Since CSU junior Sky Medicine Bear could walk, he has celebrated his Native American heritage with music and dance, food and folklore and — in a true culmination of Native American cultural arts and traditions, he said — at traditional pow wows.
On Saturday during the 26th annual CSU POW WOW, Bear shared hundreds of years of Native American culture and tradition with his family, members of Native American tribes across the Midwest and members of the Fort Collins and CSU communities. The event was held in the Main Ballroom in the Lory Student Center, and it signaled the start of Native American Month celebrated in November.
Bear learned the modern style of dance known as the Mens’ Fancy Dance as a young child. Now a member of both the Native American Student Services and the American Indian Science & Engineering Society, two of many CSU organizations that sponsored the culture-rich exhibition, he shared it at the event.
As a child in Aztec, N.M., Bear grew up celebrating the traditions of the Navajo and Sioux tribes, to which he claims kinship, and learned the art of dance from watching other performers at pow wows.
Two years ago, Bear was asked to share his talents and dance traditions, which he said, “will always be a part of (his) life,” with American soldiers stationed in Iraq.
Traveling from base to base for 10 days, Bear eventually performed in Saddam Hussein’s palace in Baghdad.
Calling the experience “freaky” at times, Bear said he could not fully express his feelings about the “awesome” privilege of sharing his culture with the American soldiers.
Now studying electrical engineering at CSU, Bear performs across the country at Native American pow wows as a traditional dancer and member of the Grammy award-winning, northern host drum group Young Bird.
The drum group from Pawnee, Okla., boasting more than 20 members, performed at the all-day CSU event Saturday and sang the Grand Entry song in the afternoon.
Bear and other officials said that the pow wow has been a part of the Native American culture “forever” — since before Christopher Columbus set foot upon American shores more than 700 years ago.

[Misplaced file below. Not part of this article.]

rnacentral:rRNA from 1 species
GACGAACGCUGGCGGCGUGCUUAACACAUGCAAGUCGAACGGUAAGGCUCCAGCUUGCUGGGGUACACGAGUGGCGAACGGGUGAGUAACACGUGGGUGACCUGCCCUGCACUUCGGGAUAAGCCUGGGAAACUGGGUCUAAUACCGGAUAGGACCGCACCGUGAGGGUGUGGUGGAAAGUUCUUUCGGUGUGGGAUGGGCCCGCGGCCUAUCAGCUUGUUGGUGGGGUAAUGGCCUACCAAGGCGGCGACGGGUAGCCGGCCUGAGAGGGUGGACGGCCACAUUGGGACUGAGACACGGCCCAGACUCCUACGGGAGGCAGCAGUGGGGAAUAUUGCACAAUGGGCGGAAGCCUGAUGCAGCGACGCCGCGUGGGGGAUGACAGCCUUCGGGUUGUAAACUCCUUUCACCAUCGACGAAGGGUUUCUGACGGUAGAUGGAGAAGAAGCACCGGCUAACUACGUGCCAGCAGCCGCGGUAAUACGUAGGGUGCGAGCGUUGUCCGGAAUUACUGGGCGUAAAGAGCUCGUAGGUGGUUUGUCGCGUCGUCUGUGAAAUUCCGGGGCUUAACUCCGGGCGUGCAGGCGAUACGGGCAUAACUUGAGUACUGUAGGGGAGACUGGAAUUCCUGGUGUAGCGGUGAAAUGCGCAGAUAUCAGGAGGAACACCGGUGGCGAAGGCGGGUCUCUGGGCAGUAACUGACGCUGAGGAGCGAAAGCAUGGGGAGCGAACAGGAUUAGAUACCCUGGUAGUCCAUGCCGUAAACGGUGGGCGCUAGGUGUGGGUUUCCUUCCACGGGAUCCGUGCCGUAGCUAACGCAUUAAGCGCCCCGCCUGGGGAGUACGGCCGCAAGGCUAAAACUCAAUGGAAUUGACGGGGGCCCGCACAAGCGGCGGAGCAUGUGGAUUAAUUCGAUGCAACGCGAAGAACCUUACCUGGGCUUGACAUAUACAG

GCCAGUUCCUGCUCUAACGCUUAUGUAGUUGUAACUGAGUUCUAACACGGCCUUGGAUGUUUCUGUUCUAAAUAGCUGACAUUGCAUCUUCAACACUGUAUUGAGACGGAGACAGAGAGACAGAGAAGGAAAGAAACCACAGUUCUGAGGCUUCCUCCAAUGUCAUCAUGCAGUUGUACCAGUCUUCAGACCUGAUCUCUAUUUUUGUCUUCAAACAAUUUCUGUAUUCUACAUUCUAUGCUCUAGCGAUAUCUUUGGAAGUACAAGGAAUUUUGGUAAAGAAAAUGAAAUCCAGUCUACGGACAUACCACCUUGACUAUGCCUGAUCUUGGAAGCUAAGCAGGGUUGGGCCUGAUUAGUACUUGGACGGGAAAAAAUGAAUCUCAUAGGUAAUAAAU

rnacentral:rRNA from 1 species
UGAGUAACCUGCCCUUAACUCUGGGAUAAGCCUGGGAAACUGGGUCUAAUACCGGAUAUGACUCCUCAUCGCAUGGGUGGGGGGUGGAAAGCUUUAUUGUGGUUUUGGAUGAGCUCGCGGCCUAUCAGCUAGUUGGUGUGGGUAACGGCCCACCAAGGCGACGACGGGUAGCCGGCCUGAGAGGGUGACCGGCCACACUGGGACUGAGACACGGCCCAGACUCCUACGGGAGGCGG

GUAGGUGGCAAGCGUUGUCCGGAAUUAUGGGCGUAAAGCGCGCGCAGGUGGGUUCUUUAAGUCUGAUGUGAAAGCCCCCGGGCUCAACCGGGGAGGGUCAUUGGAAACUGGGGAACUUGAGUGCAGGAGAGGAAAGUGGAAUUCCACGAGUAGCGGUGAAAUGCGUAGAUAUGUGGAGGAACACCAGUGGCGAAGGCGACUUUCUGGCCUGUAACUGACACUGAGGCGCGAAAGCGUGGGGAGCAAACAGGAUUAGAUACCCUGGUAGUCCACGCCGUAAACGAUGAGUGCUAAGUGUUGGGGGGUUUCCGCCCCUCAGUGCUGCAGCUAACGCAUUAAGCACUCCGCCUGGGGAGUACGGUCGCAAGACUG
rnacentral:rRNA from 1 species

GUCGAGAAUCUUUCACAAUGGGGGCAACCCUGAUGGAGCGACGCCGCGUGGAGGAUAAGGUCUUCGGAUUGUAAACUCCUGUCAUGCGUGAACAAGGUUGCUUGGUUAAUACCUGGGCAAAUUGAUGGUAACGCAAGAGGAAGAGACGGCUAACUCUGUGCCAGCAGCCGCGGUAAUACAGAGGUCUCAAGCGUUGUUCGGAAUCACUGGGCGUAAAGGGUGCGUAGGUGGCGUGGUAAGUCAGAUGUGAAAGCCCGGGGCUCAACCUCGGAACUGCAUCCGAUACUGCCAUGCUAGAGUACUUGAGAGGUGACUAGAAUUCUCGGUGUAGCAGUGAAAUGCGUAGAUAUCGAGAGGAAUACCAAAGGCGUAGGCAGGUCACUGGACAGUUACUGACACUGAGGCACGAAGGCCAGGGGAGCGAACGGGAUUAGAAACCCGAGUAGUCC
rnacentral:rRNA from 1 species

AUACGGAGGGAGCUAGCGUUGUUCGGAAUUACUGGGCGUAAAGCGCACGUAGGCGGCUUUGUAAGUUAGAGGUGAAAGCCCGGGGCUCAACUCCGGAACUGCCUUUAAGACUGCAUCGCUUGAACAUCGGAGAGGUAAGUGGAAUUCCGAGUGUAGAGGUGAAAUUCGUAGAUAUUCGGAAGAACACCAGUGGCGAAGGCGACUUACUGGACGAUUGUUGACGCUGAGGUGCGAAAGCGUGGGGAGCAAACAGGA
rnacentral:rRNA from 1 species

Throughout the daylong event, which ended at 12:30 p.m. Saturday, attendants were treated to Native American music and art, a selection of jewelry, clothing and goods sold by visiting vendors and food that varied from Native American fry bread to Indian tacos.
Master of ceremonies Bruce LeClaire of the Lakota tribe in Durango encouraged event attendees to put reservation aside, “meet someone new” and shake a hand in honor of the celebration of friendship the Native American culture emphasizes.
“The pow wow is basically for singing and dancing,” LeClaire said and explained that the pow wow serves as a way to honor Native American people, “build a sense of community” and share the time-honored Native American history with people of all diversities.
Bear said that he felt “honored” to be in the company of the diverse collection of people visiting from the Navajo, Cheyenne and Sioux tribes, among many others.
He said that the pow wow was “for everyone,” not just the natives, to come together to “celebrate life” and “keep the tradition alive.”
Young Bird and several dancers dressed in richly colored sashes and with salt and peppershaker rattles in hand, performed a series of gourd dances at the start of the pow wow, which originated from several southern plains tribes.
Eagle Boy Whiteshield, a sophomore farm ecology major at the CU-Denver, and member of the Kiowa, Cheyenne and Arapaho tribes, was honored as the head gourd dancer of the ceremonial dance that Whiteshield said has “been around for centuries.”
“I’m here to share this song with the people,” Whiteshield said, reflecting on the historical meaning and origin of the song that he learned from his uncles and grandfathers. “It’s about preserving the culture to let it carry on.”
At 1:15 p.m. Saturday, hundreds of attendants sat witness to the Grand Entry ceremony, in which dozens of dancers representing numerous tribes and dance styles; from small children to veteran dancers circled around the center of the ballroom.
With huge headdresses swaying, feathers and glitter adorning every surface of their regalia and moccasins tapping complementary beats to the host drummers, spectators said the artistic showcase illustrated the colorful presence of all the tribes.
Shelly Reush, a senior geology major said that she “absolutely loved it” and thought it was “neat to see how much (the performers) enjoyed what they’re doing.”
Other spectators agreed that they thought the Native American culture was beautiful and hoped that they continue to keep the traditions alive.
Kelly Hancock, a teacher in the Poudre School District in Fort Collins, said that she will talk to her students about what she learned at the pow wow, and that she and her husband admire the culture and work to expose their son “to as much as they can.”
“(The Native American culture) is a very powerful tradition,” said Chuck Hancock, Kelly Hancock’s husband. “It’s important to keep it going and carrying it on.”
Senior Reporter Madeline Novey can be reached at email@example.com.